• These days we hold at the tip of our minds a hundred different opinions we believe are not only significant, but are also indivisibly tied to our identities. As such, to have even one of these beliefs ignored or disagreed with has become the modern-day equivalent of a glove across the face.
  • Journalism is meant to be persistent for truth, to acquire and protect sources, and even, at times, to write critically of powerful people who attempt to gaslight the world. There is, of course, such a thing as “fake news,” but it very rarely comes from the places our current President would have us believe.
  • I don’t know why, but I’m proud to have never watched a single episode of The Big Bang Theory or Glee.
  • The American Church is fighting over scraps. We’re planting far too many new churches in towns already full of them, and this only contributes to an increase in consumeristic Christianity, not to mention an inevitable ethos of competition as each church strives not so much to bear witness to the gospel as to put on the best Sunday show and offer the most self-focused spiritual programming.
  • Three years ago, I rated my wife’s tendency to be right at 96.7%. Over the last three years, that percentage has held strong, if not gone up a bit.
  • I’m not sure of the specific reasons, but I know from experience it is increasingly difficult to find a doctor (be it a GP or a specialist) who actually cares about your physical ailments and will truly give his/her time and energy to helping you get better.
  • I find most people who quote Romans 6:14, “We are not under law but under grace,” vastly misunderstand Romans in particular and the Apostle Paul’s message in general. If I hear one more minister teach that the Old Testament law does not apply to Christians, I’m going to violate the sixth commandment (in my heart).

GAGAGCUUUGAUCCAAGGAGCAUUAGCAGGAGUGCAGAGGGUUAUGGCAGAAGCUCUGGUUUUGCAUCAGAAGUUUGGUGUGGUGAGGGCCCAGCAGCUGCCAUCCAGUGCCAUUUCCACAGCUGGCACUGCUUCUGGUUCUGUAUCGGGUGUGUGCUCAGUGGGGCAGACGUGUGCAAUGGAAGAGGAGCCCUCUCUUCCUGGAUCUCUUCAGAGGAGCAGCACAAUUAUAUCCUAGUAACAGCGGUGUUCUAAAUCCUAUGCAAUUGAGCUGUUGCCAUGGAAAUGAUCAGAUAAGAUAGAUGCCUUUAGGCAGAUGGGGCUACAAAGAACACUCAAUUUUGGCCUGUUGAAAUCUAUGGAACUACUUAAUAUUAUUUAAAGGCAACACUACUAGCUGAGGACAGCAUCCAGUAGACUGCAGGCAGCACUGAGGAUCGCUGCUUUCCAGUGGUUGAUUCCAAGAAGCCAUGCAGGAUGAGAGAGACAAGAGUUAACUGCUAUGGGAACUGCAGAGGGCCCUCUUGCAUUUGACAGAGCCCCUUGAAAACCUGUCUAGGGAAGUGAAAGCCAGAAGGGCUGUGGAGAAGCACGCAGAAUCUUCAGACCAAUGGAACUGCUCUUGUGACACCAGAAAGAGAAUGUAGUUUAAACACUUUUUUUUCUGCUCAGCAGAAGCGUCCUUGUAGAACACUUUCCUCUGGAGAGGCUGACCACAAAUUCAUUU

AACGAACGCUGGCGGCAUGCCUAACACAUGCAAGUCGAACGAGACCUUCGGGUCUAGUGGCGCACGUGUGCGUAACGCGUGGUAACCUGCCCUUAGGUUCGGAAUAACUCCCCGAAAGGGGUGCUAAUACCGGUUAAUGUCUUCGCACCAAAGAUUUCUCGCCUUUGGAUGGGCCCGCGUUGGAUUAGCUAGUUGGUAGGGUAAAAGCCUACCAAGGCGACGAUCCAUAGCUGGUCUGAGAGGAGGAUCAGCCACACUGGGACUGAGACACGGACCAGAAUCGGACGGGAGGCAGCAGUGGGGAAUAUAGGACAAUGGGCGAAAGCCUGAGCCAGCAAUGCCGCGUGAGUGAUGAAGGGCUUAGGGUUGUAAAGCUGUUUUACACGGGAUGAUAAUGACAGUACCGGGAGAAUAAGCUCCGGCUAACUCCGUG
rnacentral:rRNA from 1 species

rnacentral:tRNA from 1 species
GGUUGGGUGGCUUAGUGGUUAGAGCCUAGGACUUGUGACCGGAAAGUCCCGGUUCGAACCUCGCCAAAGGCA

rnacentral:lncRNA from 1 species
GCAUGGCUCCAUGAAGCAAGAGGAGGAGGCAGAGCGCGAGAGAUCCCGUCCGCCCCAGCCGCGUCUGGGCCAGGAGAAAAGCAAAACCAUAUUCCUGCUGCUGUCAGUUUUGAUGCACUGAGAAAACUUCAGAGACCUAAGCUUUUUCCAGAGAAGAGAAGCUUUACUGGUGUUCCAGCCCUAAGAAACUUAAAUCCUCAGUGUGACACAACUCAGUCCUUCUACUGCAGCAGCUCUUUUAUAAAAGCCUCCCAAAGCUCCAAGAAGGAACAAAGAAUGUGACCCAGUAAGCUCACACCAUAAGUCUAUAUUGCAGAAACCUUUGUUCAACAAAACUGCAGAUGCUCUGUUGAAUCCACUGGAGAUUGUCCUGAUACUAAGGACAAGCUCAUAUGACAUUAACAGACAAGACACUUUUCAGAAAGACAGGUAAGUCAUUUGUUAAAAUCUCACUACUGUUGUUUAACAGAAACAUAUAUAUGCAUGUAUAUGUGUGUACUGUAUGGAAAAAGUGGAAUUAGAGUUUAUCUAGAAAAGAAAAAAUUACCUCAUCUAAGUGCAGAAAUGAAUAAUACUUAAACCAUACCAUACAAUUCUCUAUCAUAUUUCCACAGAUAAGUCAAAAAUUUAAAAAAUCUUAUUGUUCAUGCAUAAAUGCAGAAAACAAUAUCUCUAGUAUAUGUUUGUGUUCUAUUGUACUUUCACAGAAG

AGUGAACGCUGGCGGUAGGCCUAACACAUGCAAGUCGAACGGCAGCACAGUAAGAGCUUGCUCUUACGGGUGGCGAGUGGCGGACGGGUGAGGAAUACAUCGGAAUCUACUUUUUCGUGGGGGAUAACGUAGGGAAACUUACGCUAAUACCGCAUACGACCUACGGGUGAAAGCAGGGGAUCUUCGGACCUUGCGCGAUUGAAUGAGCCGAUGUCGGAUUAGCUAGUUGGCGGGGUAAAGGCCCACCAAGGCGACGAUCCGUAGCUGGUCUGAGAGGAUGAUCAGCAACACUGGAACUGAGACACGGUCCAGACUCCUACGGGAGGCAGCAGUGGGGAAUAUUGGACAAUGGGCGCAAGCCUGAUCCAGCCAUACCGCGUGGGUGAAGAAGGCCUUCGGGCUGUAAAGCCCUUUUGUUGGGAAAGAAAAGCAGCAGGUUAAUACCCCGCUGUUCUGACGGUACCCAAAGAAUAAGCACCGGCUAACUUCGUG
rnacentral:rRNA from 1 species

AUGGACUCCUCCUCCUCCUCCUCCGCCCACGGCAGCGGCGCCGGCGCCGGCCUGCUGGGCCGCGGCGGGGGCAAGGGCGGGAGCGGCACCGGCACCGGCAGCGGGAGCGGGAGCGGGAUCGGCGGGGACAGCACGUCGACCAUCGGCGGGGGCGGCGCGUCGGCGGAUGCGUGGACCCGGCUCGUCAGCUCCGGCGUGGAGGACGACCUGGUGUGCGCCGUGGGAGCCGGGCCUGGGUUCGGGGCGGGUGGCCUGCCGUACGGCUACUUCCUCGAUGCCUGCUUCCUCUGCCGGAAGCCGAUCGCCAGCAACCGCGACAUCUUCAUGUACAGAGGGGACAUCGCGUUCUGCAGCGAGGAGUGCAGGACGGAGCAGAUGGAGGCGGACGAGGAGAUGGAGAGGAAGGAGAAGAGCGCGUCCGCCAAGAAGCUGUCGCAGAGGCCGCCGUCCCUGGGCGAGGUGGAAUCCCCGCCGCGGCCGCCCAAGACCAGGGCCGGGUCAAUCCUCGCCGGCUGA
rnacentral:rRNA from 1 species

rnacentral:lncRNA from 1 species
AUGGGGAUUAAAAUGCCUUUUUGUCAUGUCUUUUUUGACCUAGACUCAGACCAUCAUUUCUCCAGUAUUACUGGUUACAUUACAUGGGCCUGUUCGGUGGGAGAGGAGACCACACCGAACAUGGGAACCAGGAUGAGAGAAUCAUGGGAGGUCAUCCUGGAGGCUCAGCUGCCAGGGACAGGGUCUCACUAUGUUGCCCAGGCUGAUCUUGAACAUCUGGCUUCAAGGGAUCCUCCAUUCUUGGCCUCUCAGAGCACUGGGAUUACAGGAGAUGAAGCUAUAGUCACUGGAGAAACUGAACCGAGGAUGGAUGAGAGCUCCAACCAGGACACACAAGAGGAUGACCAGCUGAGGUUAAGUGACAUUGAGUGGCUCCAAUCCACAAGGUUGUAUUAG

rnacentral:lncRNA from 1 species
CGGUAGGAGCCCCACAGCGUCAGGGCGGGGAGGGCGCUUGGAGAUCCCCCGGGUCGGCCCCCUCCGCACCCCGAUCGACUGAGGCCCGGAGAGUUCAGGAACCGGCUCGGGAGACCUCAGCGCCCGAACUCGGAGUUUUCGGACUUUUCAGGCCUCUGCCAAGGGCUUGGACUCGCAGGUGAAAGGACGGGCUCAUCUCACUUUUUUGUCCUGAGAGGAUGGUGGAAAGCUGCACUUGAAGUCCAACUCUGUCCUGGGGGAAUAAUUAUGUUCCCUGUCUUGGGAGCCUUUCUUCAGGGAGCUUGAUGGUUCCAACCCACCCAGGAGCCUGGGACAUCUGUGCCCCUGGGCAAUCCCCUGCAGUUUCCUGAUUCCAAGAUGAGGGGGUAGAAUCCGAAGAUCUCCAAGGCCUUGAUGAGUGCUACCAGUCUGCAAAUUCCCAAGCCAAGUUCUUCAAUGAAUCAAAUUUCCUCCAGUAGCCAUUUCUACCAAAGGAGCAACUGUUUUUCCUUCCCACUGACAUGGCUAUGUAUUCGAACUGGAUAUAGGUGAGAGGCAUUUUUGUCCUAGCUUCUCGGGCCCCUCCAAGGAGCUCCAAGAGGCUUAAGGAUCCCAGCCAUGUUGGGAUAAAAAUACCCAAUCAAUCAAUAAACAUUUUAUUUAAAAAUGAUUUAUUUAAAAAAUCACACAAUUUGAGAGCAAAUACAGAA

• Climate change is not a hoax. When one looks past the fear-mongering of politicians (deniers and zealots alike) and the non-scientific activists and actually reads the scholarly reports, it becomes crystal clear human beings – particularly in affluent countries like ours – are doing terrible damage to a planet God commissioned us to care for like a gardener tends his garden. The Church must accept this and commit to action, or it will continue to decline in relevance.
  • The Avett Brothers may just be the two nicest, most genuine sibling-musicians in the world.
  • For far too many families in our society, youth sports has become a frighteningly compelling idol, demanding one’s money, time, loyalty, and passion yet giving hardly any lasting value in return.
  • Preaching weekly is difficult. Even for a guy who absolutely loves it, preparing a sermon of quality (as opposed to just slapping some talking points together) is much harder to do on an ongoing, weekly basis than I ever suspected. The thing about pastoring which I thought would come easiest has actually been one of the hardest.
  • My oldest daughter is showing tell-tale signs of my personality type, temperament, and general interests. I’m truly  interested to see what a female version of me looks like.
  • Those of you who ignore individual issues and policies and instead just vote straight-ticket Republican or straight-ticket Democrat… You’re not helping.
  • I miss having likeminded, intimate friends – whom I could talk with about anything – who lived close. It’s been a very long time since they did, and at times it feels like that distance is taking its toll.
  • I’m (irrationally) worried the seasons of autumn and winter won’t exist in the heavenly kingdom. They’re my favorite times of the year, but because they’re marked by withering, death, and dormancy, I fear these seasons are incongruent with heaven, particularly Revelation 21-22. I desperately need one of my professor friends to explain why I’m wrong.
  • The Berenstain Bears by Stan and Jan Berenstain is the most delightful series of children’s books in the world.